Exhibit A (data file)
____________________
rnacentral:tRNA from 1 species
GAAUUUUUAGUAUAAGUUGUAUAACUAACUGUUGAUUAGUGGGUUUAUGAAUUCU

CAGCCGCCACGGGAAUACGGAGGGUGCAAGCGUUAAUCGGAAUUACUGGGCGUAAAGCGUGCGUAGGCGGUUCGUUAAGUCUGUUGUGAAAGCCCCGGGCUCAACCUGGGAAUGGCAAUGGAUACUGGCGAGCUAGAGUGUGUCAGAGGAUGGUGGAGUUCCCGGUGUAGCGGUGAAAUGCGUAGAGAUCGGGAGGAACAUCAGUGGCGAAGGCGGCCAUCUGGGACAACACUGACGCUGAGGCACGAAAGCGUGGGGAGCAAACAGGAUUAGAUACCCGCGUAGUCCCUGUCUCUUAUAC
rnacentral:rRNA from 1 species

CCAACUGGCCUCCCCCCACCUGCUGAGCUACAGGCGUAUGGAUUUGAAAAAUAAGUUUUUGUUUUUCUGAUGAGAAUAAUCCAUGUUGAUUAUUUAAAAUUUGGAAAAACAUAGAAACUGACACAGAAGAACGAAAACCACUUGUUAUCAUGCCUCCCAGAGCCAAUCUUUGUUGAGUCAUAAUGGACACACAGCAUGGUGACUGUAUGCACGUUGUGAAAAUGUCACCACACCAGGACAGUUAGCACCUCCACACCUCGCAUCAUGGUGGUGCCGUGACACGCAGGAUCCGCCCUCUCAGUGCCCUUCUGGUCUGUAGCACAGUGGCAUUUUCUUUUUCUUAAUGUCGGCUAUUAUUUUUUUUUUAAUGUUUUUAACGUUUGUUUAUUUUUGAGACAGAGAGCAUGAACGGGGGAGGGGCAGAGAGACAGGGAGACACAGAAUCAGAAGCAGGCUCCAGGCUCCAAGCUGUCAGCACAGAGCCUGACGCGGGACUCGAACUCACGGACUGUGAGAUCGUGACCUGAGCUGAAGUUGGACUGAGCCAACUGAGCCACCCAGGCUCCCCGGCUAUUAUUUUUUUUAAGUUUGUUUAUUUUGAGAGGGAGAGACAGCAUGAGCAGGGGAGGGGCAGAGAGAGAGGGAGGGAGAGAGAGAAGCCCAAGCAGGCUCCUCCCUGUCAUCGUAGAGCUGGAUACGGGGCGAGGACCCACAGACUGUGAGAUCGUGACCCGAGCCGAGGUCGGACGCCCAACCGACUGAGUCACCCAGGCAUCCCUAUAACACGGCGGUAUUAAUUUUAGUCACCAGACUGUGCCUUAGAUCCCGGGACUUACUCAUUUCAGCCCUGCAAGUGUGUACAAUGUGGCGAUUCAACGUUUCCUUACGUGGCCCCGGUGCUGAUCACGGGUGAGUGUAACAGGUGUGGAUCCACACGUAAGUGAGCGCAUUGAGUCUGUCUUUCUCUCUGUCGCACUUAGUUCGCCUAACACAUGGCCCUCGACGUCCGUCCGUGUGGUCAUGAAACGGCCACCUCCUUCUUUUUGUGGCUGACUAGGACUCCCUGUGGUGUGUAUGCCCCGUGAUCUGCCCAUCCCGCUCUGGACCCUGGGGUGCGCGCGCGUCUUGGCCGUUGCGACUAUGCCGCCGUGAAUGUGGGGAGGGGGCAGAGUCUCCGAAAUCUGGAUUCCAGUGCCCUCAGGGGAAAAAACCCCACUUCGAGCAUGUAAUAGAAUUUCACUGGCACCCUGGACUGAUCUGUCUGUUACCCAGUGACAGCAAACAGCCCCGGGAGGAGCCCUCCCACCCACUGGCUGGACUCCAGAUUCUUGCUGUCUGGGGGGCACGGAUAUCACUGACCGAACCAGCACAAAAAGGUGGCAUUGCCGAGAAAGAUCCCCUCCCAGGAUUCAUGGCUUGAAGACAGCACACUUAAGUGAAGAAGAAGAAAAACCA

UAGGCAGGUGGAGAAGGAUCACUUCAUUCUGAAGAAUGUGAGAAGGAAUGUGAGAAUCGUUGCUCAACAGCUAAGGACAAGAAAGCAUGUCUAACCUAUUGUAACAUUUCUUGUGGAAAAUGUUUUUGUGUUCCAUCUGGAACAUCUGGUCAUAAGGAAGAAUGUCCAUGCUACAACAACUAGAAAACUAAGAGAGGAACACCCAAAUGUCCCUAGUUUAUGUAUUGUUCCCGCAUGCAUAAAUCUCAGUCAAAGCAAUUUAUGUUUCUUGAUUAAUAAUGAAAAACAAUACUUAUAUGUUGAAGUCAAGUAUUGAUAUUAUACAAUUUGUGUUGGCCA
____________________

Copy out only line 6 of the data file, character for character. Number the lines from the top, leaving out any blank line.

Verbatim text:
UAGGCAGGUGGAGAAGGAUCACUUCAUUCUGAAGAAUGUGAGAAGGAAUGUGAGAAUCGUUGCUCAACAGCUAAGGACAAGAAAGCAUGUCUAACCUAUUGUAACAUUUCUUGUGGAAAAUGUUUUUGUGUUCCAUCUGGAACAUCUGGUCAUAAGGAAGAAUGUCCAUGCUACAACAACUAGAAAACUAAGAGAGGAACACCCAAAUGUCCCUAGUUUAUGUAUUGUUCCCGCAUGCAUAAAUCUCAGUCAAAGCAAUUUAUGUUUCUUGAUUAAUAAUGAAAAACAAUACUUAUAUGUUGAAGUCAAGUAUUGAUAUUAUACAAUUUGUGUUGGCCA